Everyone is a monk in the Monastery.

Regardless whether a person comes to visit for a "moment" or a "lifetime" all assume the mantle of a monk. All wear the attitude of a monk. All live in the now and are so intensely active and interested in the moment now, all that which is past or pending is as though it does not exist--and indeed it does not exist.

Because of this unique and amazing attitude donned by the monks, each live in their ideal spirit mind and body. Each monk experiences the original purity and integrity they came to the Monastery to find and live. Each monk, regardless of their seniority, has no past, has no problems, and has no desires to be fulfilled. Every monk lives in the conscious awareness of now.

Now, has no past or future. Now, has no commitment to achieve or fulfill. Now, is complete in itself and knows only itself.

What, then, makes the Monastery so different from anywhere else?

Every monk lives true to their divine self, listens to their inner voice and follows what their godself reveals.

Assisting in maintaining the awareness of this program of living in now is the fact that everyone knows the Monastery is a school at all times. Being in a school we are continually reminded to think in the now. Regardless of any feelings which might arise to test our attitude of living in the now, we are always being brought back into this reality.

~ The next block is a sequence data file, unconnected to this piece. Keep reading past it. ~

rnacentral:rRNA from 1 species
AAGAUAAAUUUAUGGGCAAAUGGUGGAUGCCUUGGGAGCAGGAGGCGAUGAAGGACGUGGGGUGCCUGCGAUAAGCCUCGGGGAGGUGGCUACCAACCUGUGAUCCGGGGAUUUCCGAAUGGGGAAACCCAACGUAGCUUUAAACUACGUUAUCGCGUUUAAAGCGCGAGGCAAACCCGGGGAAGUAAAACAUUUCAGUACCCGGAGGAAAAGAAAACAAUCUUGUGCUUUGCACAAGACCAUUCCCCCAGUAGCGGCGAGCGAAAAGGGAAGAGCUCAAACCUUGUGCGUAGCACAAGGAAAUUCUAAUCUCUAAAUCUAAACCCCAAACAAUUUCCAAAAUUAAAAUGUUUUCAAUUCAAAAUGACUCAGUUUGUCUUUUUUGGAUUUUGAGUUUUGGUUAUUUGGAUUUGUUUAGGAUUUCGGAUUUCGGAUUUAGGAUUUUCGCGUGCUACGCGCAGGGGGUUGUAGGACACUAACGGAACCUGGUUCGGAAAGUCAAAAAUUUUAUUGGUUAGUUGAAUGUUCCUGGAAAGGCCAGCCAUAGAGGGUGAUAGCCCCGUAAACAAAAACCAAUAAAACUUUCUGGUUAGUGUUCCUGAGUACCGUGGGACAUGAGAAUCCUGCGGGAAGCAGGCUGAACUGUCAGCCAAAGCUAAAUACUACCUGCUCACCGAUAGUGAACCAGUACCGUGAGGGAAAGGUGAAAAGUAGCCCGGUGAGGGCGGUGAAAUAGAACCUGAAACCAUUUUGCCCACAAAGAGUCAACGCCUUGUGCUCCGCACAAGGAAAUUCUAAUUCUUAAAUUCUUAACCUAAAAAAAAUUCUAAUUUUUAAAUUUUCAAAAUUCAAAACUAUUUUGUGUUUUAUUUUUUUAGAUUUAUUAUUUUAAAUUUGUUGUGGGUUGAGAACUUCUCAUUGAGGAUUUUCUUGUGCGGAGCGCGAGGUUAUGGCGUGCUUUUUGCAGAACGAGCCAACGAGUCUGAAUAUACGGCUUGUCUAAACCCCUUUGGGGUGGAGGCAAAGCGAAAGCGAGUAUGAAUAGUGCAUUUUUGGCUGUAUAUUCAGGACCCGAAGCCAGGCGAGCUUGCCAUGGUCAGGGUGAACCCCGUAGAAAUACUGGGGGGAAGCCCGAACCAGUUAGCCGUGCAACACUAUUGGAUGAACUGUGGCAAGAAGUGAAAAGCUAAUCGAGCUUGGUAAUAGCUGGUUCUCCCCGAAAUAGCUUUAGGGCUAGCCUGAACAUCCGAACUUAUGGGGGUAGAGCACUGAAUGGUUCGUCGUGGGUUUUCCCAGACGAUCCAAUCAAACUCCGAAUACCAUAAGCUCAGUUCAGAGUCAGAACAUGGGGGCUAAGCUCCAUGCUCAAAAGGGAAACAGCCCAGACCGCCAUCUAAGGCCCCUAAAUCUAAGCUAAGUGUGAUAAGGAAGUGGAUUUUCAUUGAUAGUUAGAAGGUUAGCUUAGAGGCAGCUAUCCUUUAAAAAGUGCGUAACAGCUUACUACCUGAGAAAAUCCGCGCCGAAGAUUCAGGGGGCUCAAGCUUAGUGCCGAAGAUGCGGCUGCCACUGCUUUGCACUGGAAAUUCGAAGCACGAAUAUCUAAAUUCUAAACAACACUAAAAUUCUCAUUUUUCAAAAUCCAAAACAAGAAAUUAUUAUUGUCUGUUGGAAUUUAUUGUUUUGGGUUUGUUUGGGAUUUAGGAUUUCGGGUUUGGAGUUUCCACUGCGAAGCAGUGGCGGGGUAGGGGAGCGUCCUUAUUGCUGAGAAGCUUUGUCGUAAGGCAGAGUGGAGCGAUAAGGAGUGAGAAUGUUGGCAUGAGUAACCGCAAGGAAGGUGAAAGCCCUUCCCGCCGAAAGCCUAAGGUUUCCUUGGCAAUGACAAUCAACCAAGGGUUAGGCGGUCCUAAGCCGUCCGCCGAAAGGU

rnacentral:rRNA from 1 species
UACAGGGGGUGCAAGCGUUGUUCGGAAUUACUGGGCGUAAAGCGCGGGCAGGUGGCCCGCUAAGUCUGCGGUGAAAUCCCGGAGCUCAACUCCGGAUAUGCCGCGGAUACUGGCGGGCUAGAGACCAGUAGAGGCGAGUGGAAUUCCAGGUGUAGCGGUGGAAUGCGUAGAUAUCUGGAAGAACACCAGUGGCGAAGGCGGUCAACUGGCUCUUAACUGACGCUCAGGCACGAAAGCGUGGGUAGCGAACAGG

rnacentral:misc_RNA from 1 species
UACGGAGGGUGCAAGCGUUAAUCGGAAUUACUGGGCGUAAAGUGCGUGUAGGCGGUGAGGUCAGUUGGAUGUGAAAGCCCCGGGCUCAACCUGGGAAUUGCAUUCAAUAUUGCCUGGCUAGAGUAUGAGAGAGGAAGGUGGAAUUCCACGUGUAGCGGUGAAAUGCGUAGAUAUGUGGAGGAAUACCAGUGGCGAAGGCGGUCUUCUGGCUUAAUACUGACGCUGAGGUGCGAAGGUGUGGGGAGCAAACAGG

It is not a requirement but a suggestion for each monk when they are "ready" that they get rid of all photographs. They are offered the path to either send them to someone who would appreciate them or to really "dump" them completely. Ugh, is the first response. These are precious to me. This is my life, my family and my world!

Only too true!

It is the past which does not exist for a monk living in the now.

This is but one project for living in the now.

It is a frightening program since it unties us from the past. It removes all the chains and anchors that keep us in that which never was and yet we hold onto it as though it were important in the now.

In the Monastery we keep every word positive. As each fledgling monk enters the spiritual routine they often "bite their tongue" as they make the change from one illusion to another. Leaving the illusion of one habit that was negative for a beneficial habit of being positive is a fun-game and has terrific value to it.

Disciplining oneself to remain true to living in the now is a most demanding activity since it is something so unfamiliar to us who have the habit of doing whatever we are doing without thinking about it. It is not that we object to a change but rather any change means we must fully reevaluate our thinking process to the degree of encompassing an entirely new direction. Even the new direction is not tough since most of the time it is sufficiently exciting, enchanting enough, to delight us to go on in the new way for a new conclusion.